Thanks to the easy access, I’ve been able to visit several South African cities. But none of them compare to Cape Town.
Cape Town is by far my favorite place in South Africa. Maybe it was the race, maybe it was my travel companions, maybe it was all the food I ate, but this was one of the best vacations I’ve had while living in Lesotho.
On a wine tour, I met an American student studying in the city. Although she liked it, she said it was full of “yuppies” drinking coffee and bar hoping. That is what I wanted. CT is full of farmers’ markers, hipster coffee shops and overly priced boutiques. It had a sense of creativity and originality that I hadn’t seen in other African cities. Instead of crappy chain restaurants, we ate at eateries with local produce on the menu and MGMT playing through the speakers. I drank something other than instant coffee and Black Label. It was wonderful.
Besides the American hipster tendencies that I miss, Cape Town is incredibly beautiful. Table Mountain towers over the city, giving you the sense you aren’t really in a city. There is the waterfront with a harbor full of boats that should be in picture frames in someone’s study. Constantia’s forest is in the middle and offers a bit of escape. Not to mention it is encompassed by both the Atlantic and Indian Ocean. Many other PCVs compare CT to San Francisco, a city I adore, and I came to the same conclusion.
Here are a few highlights of the trip:
Four of us decided to rent a car and drive to CT. Flying is faster while a bus is cheaper, but a rental would ensure that my legs wouldn’t swell up from lack of circulation without totally wiping out my bank account. As the oldest, and apparently the only credit card bearer, the car was under my name and I was the primary driver. We originally reserved a compact automatic car, thinking we would get a fleet model. However, the man at Hetz bumped us up to a BMW M3. I was already nervous about driving on the left side, so, when he gave me the keys to a car that is worth more than I am, I asked for something not as nice. Hertz man smiled and told me to turn on the car. 600 miles later we were in Cape Town. Outside of the city, we drove through a gorgeous mountain pass highlighted by the stars. CT glowed as we came upon it and the exhaustion of the drive and nerves of the upcoming race melted just for a moment.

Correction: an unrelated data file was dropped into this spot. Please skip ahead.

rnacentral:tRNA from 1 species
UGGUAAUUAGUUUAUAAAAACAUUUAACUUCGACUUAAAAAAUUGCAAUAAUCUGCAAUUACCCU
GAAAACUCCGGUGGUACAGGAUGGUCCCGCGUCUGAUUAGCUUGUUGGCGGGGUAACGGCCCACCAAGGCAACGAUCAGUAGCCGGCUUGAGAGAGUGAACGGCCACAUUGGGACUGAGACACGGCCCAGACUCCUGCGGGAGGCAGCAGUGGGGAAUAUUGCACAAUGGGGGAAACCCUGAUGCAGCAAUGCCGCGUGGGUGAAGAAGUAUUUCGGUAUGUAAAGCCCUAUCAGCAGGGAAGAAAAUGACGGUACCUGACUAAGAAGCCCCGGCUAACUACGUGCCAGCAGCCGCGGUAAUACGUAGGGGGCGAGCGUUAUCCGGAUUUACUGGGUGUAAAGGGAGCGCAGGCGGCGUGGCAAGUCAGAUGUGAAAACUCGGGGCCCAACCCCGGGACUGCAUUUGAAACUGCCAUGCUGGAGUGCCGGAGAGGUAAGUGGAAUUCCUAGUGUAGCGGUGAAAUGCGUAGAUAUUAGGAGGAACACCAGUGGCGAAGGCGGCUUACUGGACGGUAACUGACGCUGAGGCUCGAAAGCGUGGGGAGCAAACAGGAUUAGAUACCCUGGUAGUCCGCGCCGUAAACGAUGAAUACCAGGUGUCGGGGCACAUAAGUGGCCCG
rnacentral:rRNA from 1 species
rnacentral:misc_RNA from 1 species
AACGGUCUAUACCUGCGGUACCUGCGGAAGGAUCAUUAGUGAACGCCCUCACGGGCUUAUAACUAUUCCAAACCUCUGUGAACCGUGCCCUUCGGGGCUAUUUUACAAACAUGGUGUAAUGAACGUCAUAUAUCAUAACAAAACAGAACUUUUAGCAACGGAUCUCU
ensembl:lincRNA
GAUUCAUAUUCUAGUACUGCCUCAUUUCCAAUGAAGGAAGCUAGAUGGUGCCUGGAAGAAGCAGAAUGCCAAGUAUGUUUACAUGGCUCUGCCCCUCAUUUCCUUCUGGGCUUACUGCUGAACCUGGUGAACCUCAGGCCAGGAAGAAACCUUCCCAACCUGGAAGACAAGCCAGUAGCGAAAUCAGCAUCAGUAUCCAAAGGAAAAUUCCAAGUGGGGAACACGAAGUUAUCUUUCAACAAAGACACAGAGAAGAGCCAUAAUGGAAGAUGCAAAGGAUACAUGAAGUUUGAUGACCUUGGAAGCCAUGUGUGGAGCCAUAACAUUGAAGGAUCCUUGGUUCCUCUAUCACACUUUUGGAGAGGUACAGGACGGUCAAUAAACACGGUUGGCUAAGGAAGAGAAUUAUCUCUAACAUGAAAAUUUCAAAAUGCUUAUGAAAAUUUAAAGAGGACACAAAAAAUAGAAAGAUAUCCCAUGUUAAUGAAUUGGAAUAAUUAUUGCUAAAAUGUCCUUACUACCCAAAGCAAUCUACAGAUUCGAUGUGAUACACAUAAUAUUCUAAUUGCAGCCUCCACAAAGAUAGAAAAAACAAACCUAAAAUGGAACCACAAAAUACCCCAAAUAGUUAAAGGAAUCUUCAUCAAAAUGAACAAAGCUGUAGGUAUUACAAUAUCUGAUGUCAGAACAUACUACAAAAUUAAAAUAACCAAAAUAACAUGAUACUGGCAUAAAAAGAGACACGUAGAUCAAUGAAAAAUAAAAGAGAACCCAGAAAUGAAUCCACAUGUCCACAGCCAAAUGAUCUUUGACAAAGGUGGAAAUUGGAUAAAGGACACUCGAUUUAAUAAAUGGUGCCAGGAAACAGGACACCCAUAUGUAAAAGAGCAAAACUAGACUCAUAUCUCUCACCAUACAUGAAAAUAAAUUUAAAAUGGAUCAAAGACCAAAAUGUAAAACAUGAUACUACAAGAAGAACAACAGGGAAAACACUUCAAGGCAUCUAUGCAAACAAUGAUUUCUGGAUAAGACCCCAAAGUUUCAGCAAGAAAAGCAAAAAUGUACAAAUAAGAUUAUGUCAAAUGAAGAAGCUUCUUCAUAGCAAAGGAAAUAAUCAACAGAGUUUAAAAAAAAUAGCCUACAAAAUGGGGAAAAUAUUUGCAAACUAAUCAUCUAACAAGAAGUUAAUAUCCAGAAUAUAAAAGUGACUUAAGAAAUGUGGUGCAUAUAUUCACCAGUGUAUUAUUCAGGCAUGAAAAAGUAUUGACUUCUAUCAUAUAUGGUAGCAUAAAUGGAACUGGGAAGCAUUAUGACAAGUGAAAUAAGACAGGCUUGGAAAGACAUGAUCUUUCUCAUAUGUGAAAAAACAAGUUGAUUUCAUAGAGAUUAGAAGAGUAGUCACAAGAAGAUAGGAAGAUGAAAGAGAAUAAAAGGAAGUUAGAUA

My friend Kevin read about a local food market in a travel book and suggested we try it. The market, kind of like a farmers’ market, is only open on Thursdays and Saturdays and is a place for those who insist on local. A few vendors were selling clothes and produce, but the main attraction was the food. Organic burgers, Indian curry, quiche, wraps, spring rolls and other foods that I can’t get in Lesotho made it hard to choose a meal and I walked around for at least 20 minutes. I ended up with potato, veggies and rice wrapped in olive leaves served with a cucumber dip that wasn’t nearly as good as I had hoped but still pretty tasty. Nick and I decided to split desert and ingested caramel fudge and a white chocolate brownie, both practically melting away into my throat.
Although the food was incredible, the atmosphere was what did it for me. Low lights with hanging ribbons and a guy playing on an acoustic guitar. New and old friends chatted over craft beer and wine (I drank lemonade because I was still on my pre-race sobriety) and while eating off of tables made of doors. We met some American study abroad students and filled ourselves to the brim. After, we took a detour home a walked through a park marked with white lights. As we strolled, Anne and I discussed life after Peace Corps and the fear of whatever that entails. It was one of the best nights in my two years in Africa.
After the race, we met up with Shelly back at the hostel. Shelly and I served together in Niger, both on Team Zinder, for a short time. She was reassigned to Malawi and had COSed only a few days before meeting us in Cape Town. Her travel planned just happened to cross with mine and it was so good to see her two years later. In Malawi, she was very involved in Camp GLOW, a girls’ empowerment camp that is hosted in several Peace Corps countries worldwide, and one of her camps got a very special visitor when then Secretary of State Hillary Clinton came through on her African tour. Besides being a great volunteer, which really has nothing to do with Hillary Clinton, Shelly has such a bright and contagious spirit, so it was great to have a few days together.